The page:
>> The race for the White House is at a fevered pitch. The polls are tightening and both sides are prepping for an epic battle. But you wouldn't notice that if you're on Wall Street. That is, until now. I'm Conway Gittens in New York. Despite missteps by the Clinton campaign, Wall Street is still betting on a Hillary Clinton win in November.
Analysts say that if Donald Trump gets any more of a bump after his first presidential debate with Hillary Clinton, then the markets could turn south. One investor put it this way, the market hates uncertainty. And though a Republican in the White House is usually welcomed on Wall Street, Trump is no normal Republican.
His say-this-today, say-something-else-tomorrow style introduces a great uncertainty markets are not used to. And then, there's his attack on free trade, the tongue lashings against corporate CEOs like Amazon's Jeff Bezos, and his plans to rollback the Affordable Care Act. Reuters markets reporter, Noel Randewich.>> Wells Fargo put out a report recently trying to quantify the effects of a Clinton presidency versus a Trump presidency under different circumstances of control in Congress.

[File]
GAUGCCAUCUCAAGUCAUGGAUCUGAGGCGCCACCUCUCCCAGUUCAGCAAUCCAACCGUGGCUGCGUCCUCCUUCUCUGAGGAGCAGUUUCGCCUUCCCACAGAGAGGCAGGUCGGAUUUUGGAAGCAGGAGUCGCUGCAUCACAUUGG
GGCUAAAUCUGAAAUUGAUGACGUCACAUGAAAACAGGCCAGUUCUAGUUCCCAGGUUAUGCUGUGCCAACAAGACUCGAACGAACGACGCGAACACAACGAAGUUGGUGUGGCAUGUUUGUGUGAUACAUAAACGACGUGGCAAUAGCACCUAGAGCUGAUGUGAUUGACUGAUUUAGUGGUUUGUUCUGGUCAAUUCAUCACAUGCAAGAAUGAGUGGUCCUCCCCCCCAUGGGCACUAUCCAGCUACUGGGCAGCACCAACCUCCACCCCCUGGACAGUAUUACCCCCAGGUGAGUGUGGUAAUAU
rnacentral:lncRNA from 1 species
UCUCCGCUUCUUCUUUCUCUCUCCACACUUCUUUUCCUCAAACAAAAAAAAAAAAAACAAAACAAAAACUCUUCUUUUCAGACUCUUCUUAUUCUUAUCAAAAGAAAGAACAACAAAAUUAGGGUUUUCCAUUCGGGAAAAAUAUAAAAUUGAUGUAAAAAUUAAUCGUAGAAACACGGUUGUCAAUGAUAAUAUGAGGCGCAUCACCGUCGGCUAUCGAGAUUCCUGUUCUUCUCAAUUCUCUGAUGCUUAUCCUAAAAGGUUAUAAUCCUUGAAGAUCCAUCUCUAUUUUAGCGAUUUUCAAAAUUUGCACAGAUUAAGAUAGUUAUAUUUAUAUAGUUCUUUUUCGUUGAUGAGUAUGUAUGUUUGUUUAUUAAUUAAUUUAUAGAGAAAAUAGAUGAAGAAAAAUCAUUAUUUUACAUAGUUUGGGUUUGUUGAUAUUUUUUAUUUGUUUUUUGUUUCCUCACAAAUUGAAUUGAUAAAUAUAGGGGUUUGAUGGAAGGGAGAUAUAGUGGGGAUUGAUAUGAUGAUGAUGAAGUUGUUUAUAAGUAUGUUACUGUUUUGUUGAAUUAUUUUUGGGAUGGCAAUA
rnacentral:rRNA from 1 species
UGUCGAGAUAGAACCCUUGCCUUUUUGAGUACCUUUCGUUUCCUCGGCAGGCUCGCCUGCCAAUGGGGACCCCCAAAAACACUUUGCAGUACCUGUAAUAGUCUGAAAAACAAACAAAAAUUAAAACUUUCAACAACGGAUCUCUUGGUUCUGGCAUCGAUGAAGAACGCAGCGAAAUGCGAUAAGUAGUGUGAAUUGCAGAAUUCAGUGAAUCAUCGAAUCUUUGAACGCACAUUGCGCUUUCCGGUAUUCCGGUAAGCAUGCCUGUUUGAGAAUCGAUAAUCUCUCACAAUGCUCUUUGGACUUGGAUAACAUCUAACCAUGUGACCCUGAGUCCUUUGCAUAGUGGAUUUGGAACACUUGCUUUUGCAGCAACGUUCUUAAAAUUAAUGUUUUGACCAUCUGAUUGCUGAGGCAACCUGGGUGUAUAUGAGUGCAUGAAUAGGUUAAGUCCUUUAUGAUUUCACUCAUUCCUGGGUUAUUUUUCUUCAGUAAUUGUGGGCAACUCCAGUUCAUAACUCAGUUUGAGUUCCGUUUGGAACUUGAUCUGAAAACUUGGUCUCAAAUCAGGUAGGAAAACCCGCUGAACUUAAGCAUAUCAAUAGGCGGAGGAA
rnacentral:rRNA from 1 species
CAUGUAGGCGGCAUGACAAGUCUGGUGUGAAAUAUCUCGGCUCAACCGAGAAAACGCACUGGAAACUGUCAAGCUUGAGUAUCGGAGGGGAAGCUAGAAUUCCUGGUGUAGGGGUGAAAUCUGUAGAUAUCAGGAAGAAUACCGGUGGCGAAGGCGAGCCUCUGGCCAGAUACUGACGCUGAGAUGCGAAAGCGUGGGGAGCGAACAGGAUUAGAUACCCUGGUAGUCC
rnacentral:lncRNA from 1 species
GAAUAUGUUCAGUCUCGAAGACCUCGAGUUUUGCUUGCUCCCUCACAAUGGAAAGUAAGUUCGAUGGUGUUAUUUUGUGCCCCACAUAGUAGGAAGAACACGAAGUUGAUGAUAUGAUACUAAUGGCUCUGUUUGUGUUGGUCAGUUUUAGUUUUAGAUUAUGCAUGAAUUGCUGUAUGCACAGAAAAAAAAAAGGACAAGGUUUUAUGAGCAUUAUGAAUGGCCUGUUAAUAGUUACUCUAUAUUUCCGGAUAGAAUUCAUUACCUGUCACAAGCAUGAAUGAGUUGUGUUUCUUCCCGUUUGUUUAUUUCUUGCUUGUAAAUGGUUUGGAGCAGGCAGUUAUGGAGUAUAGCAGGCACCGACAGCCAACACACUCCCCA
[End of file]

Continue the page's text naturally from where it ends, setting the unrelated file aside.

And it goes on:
And their basic view was that Hillary Clinton as president would be neutral for financial markets, and that Donald Trump as president would be slightly negative.>> But a Clinton win at the debate podium doesn't mean a win for all. Her complaints about too high drug prices puts a target on drug makers.
Expect that sector to tumble if the debate renews her campaign vigor. Wall Street, however, is hoping for more substance than style in coming days when it comes to regulation, taxes, immigration, health care, and trade as investors try to guess, who will be the next leader of the world's biggest economy.